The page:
Haider Mahmoud, 40, who is unemployed, said he faced pressure from his family to vote for the Supreme Islamic Iraqi Council, the biggest Shiite party. "But I changed my mind and voted for al-Maliki's list, because if it weren't for him there would still be killing in the streets of Basra," he said. In Baghdad, the mood was festive in the Hurriyah neighborhood, scene of some of the most vicious Shiite-Sunni fighting in 2006. Whole families streamed out of the polling stations Saturday, and young boys took advantage of the vehicle curfew to play soccer in the streets.

"Al-Maliki has risen above partisan politics that have shackled political life in Iraq," said Ahmed Hussein after voting for the prime minister's coalition. "He has turned a very bad situation into a much better one. We can now move from one neighborhood to another feeling completely safe," Hussein said. Back in Basra, Ali Majid, 25, said he used to fear leaving home after sunset. All that changed after government forces regained control of the city after fighting last March. "When the militiamen were in charge, we used to see bodies lying in the streets every day," Majid said. "But now order and peace are restored. I voted for al-Maliki's representative because they proved they are trustworthy."

Iraqi Polls Close, No Major Violence

Source Article HERE.

From 'FoxNews': Iraq's provincial elections have wrapped up without any reports of serious violence. Polls closed at 6 p.m. (10 a.m. EST) on Saturday — an hour later than planned — after millions of voters cast ballots for influential regional councils around most of Iraq. There were no reports of major violence. Iraqi authorities imposed a huge security operation around the country that included traffic bans in major cities and extensive checkpoints and surveillance posts. The U.S. military also was out in force but did not take a direct role in the election security. Results from the elections are not expected before Tuesday.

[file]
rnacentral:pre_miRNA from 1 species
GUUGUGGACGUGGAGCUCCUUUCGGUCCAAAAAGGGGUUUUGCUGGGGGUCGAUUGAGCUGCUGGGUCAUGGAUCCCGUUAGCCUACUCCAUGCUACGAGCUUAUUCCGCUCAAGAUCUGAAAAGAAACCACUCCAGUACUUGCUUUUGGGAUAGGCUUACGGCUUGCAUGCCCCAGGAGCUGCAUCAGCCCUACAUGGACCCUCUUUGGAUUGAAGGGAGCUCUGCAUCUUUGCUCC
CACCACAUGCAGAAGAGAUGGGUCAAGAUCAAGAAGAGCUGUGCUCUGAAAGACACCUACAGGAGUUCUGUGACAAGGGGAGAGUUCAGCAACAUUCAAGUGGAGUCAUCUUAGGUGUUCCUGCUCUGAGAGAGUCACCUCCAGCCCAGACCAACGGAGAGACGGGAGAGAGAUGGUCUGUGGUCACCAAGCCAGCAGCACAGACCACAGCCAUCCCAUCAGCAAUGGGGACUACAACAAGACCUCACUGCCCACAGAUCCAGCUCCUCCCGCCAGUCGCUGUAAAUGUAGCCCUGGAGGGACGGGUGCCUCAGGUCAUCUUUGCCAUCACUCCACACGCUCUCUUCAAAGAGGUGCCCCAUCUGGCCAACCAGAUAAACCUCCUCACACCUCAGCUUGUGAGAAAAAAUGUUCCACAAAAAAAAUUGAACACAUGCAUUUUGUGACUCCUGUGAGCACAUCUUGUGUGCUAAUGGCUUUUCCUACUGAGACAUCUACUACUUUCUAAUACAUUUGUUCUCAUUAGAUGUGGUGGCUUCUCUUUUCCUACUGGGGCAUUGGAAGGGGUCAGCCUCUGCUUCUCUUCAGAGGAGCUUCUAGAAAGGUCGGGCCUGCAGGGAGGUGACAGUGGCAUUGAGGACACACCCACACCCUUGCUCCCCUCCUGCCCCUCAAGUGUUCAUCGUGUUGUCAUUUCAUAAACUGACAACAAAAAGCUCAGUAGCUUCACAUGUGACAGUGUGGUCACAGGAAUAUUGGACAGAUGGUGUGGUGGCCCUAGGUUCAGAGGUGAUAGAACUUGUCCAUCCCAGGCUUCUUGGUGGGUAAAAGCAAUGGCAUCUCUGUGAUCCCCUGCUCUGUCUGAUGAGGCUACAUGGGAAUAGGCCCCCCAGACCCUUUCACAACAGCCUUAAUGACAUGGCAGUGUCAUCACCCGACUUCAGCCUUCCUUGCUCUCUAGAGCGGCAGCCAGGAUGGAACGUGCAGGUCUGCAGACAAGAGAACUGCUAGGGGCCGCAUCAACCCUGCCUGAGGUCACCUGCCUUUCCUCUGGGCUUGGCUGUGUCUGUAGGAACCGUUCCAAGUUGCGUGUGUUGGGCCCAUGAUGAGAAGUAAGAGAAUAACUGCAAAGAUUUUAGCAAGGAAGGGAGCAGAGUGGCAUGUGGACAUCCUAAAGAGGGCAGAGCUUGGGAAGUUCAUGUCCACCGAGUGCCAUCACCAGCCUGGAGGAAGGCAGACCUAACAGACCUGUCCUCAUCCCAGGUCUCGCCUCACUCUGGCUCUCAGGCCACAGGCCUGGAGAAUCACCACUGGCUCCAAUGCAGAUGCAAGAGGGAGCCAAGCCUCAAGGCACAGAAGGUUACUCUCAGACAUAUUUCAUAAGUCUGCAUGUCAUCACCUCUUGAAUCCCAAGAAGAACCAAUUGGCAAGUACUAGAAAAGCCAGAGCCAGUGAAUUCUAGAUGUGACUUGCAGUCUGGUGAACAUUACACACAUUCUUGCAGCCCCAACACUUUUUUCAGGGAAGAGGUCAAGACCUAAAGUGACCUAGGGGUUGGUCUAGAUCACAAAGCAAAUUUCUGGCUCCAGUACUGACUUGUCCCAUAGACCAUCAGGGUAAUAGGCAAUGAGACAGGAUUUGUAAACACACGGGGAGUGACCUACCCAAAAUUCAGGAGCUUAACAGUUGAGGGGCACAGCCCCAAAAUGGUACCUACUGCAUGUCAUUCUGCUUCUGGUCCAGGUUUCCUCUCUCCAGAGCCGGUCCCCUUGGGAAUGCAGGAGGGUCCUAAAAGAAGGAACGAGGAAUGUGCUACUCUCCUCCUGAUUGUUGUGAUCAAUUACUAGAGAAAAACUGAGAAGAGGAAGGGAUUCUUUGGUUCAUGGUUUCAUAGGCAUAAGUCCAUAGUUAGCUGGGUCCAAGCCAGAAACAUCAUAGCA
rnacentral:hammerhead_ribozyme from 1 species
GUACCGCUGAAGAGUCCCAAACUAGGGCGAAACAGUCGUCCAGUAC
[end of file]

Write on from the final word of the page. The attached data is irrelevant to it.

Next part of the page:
Iraqi voter smiles - Jan 31.

Read more HERE.

FBI Cuts Ties With CAIR

Source Article HERE.

From 'FoxNews': The FBI is severing its once-close ties with the nation's largest Muslim advocacy group, the Council on American-Islamic Relations (CAIR), amid mounting evidence that it has links to a support network for Hamas. All local chapters of CAIR have been shunned in the wake of a 15-year FBI investigation that culminated with the conviction in December of Hamas fundraisers at a trial where CAIR itself was listed as an unindicted co-conspirator. The U.S. government has designated Hamas as a terrorist organization. An official at the FBI's headquarters in Washington confirmed to FOX News that his office directed FBI field offices across the country to cut ties with local branches of CAIR.

CAIR's executive director Nihad Awad - 2004.

The new policy marks a major shift for the FBI, which has long been close to CAIR. The agency has previously invited CAIR to give training sessions for agents and used it as a liaison with the American Muslim community. CAIR's executive director, Nihad Awad, attended a post-September 11th meeting with then-FBI director Robert Mueller, and he met with other top brass as recently as 2006. But that was before Awad was shown to have participated in planning meetings with the Holy Land Foundation, five officials of which were convicted in December of funneling $12.4 million to Hamas. Prosecutors identified CAIR's chairman emeritus, Omar Ahmad, as an unindicted co-conspirator in that trial, and Special Agent Lara Burns testified that CAIR was a front group for radical organizations operating in the U.S.